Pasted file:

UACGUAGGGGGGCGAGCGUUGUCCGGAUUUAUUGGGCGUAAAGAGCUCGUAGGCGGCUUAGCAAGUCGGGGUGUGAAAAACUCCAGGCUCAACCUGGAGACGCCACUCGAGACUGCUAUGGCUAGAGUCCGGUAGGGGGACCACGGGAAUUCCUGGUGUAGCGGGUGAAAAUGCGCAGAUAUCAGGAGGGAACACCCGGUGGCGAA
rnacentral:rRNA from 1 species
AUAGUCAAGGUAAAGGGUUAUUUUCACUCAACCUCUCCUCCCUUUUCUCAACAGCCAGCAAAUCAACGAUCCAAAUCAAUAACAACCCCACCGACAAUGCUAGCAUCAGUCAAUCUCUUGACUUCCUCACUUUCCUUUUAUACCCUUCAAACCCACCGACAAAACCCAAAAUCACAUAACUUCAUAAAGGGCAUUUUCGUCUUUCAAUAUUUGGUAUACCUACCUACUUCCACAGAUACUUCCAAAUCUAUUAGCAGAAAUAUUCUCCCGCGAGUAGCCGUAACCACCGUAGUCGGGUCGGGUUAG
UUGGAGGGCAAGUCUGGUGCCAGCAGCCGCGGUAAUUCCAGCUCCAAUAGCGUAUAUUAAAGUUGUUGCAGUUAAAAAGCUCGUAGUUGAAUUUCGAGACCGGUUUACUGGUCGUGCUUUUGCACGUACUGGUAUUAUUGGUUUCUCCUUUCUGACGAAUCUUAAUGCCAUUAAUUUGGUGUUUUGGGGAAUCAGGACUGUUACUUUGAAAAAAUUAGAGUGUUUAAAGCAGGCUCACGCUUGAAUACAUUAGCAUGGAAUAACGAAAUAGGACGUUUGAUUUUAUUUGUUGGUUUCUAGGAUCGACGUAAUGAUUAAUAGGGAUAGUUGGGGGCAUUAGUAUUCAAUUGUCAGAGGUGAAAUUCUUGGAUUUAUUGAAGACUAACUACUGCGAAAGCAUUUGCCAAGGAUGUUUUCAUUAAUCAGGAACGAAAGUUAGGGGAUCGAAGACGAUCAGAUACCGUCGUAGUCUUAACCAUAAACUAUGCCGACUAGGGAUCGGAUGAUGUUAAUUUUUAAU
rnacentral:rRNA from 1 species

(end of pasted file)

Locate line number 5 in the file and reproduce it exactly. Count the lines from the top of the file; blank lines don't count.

rnacentral:rRNA from 1 species